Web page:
and Shingiss, and they are not so bad as some recent creations for street
designations. Many Indian names that have come down are those given
individuals by white men, notably Kill-buck, which bears its own inter-
pretation. White Eyes, Captain Pipe and the White Mingo. Of these
we have Kilbuck prominent in a street and a township in Allegheny
county. It may be set down as a fact that Indian names are always
full of expression and replete with common-sense interpretations. Thus
Ohio is the beautiful river ; La Belle Riviere, the French translated and
designated it; Mbnongahela, the river with the falling in banks; Con-
noquenessing, a long, straight course ; Youghiogheny, a stream running
a contrary or crooked course ; all these meanings we know are charac-
teristic and d.escriptive. The well-known Indian term, Saukunk, de-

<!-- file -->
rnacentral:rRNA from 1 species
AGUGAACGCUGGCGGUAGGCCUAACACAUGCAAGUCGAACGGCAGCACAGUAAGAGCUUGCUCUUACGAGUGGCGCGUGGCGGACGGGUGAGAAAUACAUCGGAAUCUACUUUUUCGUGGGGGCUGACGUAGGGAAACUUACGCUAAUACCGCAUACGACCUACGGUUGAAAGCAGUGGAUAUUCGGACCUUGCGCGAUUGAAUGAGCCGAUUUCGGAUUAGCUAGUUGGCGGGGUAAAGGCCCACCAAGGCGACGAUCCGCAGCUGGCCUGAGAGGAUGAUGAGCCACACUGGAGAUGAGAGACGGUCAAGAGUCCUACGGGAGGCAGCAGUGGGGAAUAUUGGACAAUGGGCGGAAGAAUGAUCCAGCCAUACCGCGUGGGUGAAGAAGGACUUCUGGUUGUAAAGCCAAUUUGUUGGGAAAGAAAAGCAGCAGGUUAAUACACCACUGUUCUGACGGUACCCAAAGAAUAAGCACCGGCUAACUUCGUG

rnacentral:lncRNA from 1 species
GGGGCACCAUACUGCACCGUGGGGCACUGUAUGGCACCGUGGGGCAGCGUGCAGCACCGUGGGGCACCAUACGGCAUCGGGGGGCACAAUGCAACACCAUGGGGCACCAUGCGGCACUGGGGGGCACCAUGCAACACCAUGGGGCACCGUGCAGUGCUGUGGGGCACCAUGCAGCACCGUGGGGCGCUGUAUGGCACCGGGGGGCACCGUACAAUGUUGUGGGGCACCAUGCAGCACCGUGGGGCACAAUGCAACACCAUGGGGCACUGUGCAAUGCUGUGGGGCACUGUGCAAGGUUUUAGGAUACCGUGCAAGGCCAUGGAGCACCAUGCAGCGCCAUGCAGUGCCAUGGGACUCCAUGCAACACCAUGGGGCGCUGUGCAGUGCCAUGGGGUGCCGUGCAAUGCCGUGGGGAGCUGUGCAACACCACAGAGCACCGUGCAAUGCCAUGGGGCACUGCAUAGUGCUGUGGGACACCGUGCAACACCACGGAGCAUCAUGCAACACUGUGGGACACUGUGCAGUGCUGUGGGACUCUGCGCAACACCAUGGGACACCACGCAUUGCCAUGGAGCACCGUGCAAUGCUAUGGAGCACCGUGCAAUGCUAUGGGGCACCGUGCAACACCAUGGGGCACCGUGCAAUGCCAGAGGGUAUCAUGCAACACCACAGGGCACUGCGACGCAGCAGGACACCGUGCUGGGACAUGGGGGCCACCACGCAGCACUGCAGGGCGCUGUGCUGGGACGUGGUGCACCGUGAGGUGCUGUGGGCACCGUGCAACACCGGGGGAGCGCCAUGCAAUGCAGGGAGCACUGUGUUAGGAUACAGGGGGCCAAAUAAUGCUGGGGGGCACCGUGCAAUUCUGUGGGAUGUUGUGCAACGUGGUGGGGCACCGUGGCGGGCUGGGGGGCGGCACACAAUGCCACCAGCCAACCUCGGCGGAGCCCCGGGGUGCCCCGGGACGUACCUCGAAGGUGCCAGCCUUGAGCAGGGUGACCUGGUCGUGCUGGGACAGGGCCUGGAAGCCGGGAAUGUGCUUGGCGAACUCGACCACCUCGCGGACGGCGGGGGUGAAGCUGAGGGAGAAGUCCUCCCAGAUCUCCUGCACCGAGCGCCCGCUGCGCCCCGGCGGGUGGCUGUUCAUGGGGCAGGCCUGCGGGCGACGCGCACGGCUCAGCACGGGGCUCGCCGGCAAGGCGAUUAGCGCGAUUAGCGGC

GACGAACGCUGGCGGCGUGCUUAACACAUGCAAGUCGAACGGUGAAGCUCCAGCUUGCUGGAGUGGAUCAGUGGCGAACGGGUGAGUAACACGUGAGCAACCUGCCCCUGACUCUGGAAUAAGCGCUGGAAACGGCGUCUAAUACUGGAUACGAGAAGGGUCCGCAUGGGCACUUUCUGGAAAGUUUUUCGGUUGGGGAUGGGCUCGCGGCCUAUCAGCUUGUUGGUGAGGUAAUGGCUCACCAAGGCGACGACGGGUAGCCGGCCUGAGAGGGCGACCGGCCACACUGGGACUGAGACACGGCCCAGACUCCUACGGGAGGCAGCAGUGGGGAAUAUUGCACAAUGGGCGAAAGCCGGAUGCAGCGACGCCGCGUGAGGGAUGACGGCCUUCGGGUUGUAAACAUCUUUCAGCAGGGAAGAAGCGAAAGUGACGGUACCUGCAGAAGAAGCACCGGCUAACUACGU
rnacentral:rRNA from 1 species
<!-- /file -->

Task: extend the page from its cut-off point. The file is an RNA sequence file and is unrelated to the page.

scribed the town "at the mouth," because its location was at the mouth
of the Big Beaver, which name has been translated by the French, Grand
Castor. Most of our Indian names in Pennsylvania are of Iroquois
origin. We have them in our Pittsburgh streets. Susquehanna, Tioga,
etc. We have Delaware names in Kittanning and Sewickley, meaning
"at the main mountain stream," and the "place of sweet water trees,"

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Spellings of Indian names vary greatly. It is seldom that two authors
spell alike. For instance, Parkman always calls them the Shawanoes.
Charles A. Hanna gives twenty-one names for this tribe, mainly varia-
tions. The French called them the Chaouanons. Our common form is
Shawnee. So, too, the Delawares, which suggests itself as a distinctive
English term, readily associated with the river on which they once dwelt.
In history the English designation has obtained preference and we